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I know this is a never ending topic but after reading one of the other posts, it got me thinking.

Can dogs have food allergies to something before they have ever been exposed to it?

The reason I ask is b/c I was reading over the "Turkey" post ... Cooper and Ava are highly allergic to Turkey but yet they have never had it. Cooper was allergy tested at 12 wks old and the test came back saying he is allergic to turkey amongst a few other things. But, he is okay with chicken.

Ava was allergy tested at 4 1/2 months old and her results ... I couldn't believe it! Heck, the Vet couldn't believe it either. So, back to my original question ... how can they be allergic to something when they have never had it before?
 

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It is not typical at all for an animal to be allergic to something it has never had. The way it works is that the animal consumes a protein and it's body sees the protein as "invaders" and creates antibodies toward the "danger." The next time the protein is eaten the reaction is worse and hystamine and other things are released causing allergic symptoms.....

Why would a vet allergy test a 12 week old puppy?? Both this and your dogs being allergic to a protein they have not consumed are confusing.

Cherri
 

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Hey Cherri, thank you for the reply! I too find it confusing that they could have such allergies to things they have never had before. As far as allergy testing a 12 weeks old puppy ... I haven't a clue. I actually use 2 Vets here in Birmingham and the one that did not do the testing said that you shouldn't do a food allergy test until the dog is at least 2 years of age. In my book there is a big difference in a 2 year old than a 12 week old puppy. I have considered getting them allergy tested again, more so getting Ava done to see if it comes back the same. Her test came back stating that she is allergic to the following: corn, chicken, beef, oat, barley, turkey, yeast and lamb!! I was speechless when I saw this.
 

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Well, traditionally, the thinking is that you can't. And vets tell you that. But now, most foods (especially grains) are genetically modified, we really don't know what we (and our dogs) are eating.

Genetic engineering may transfer new and unidentified proteins from one food into another triggering allergic reactions. Millions of Americans who are sensitive to allergens will have no way of identifying or protecting themselves from offending foods. Allergic reactions can cause more than simple discomfort-they can result in life-threatening anaphylactic shock. (Ref: Food and Drug Administration 57 Federal Register 22987)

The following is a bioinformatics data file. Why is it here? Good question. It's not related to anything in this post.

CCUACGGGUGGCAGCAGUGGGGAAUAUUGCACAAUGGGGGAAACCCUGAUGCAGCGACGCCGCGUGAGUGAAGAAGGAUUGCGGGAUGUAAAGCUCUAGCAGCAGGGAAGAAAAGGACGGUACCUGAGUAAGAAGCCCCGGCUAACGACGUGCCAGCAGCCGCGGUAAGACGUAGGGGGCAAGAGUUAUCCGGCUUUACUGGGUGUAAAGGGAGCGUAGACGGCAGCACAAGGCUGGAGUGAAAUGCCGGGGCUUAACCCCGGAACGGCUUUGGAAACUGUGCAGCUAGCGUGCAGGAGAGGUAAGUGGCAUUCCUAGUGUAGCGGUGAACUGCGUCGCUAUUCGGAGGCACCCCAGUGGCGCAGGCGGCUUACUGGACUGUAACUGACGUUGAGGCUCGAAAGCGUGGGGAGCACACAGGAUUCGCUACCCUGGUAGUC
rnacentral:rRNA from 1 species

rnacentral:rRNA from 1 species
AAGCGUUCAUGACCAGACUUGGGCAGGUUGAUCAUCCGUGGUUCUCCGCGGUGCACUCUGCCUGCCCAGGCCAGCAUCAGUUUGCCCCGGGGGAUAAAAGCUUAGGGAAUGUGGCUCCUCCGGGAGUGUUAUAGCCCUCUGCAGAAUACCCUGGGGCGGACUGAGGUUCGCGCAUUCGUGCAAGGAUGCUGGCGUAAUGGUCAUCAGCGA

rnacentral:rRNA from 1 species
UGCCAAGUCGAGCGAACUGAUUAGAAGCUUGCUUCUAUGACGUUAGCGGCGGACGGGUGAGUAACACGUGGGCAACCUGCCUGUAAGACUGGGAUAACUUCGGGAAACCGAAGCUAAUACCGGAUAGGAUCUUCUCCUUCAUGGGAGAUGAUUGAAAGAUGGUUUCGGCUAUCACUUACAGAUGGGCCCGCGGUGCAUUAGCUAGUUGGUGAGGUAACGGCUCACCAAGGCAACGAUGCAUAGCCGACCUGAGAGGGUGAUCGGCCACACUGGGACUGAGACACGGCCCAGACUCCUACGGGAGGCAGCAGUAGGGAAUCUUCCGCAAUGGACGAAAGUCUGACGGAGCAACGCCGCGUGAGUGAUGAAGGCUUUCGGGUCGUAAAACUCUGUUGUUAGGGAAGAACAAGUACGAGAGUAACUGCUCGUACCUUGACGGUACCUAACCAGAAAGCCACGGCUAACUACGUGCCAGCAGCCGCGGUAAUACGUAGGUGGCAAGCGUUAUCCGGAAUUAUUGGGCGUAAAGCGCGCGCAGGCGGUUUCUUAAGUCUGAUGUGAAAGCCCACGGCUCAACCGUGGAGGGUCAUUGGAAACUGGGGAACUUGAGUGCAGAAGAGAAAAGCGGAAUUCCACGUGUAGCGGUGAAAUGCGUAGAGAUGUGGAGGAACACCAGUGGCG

For more analysis,
http://www.fda.gov/OHRMS/DOCKETS/ac/02/briefing/3886b1_Discussion%20Paper%20Allergenicity.pdf

I know the first time my dog ate barley, his ears lit up like a Christmas tree. But who knows if that barley is *just* barley anymore? But... he had a reaction. So I KNOW he was allergic.

On the other hand, your dogs were simply "tested" as being allergic? Did your dogs get ELISA blood tested? Have they ever had negative reactions to turkey (or whatever food) before? The reason that I ask is that the blood test isn't perfectly reliable. There are often false positives. So you can't trust any positive result in and of itself. (Negative results are supposed to be trustworthy). It has to be used with a food elimination diet (for foods) or skin prick tests (for environmental/inhalant allergies) to confirm your results.

(That's part of the reason why a lot of allergy specialists won't even do the blood tests anymore. They think they're a waste of time and money. I think they're useful as ONE of a SERIES of steps I need to take to eliminate allergens from my dogs life. But not the only one.)

Does that help?
 

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Yes, they can absolutely have allergies to something that they have never had.

I don't know the technical details, but some proteins contained in food are similar enough that the body can't sort them out. There are some herbs and fruit that share this, and I'm certain it's true in other circumstances.

I wouldn't have thought of it, but what 3K9Mom posted regarding GM foods is absolutely consistent with what I've read.

For a food test, we used the VARL blood test (which was a huge help) and then had to combine with an elimination trial. Dogs can be sensitive to things that they don't have a technical allergy to. My girl had food allergies at a young age too -- the only for us to go was a homecooked diet.
 
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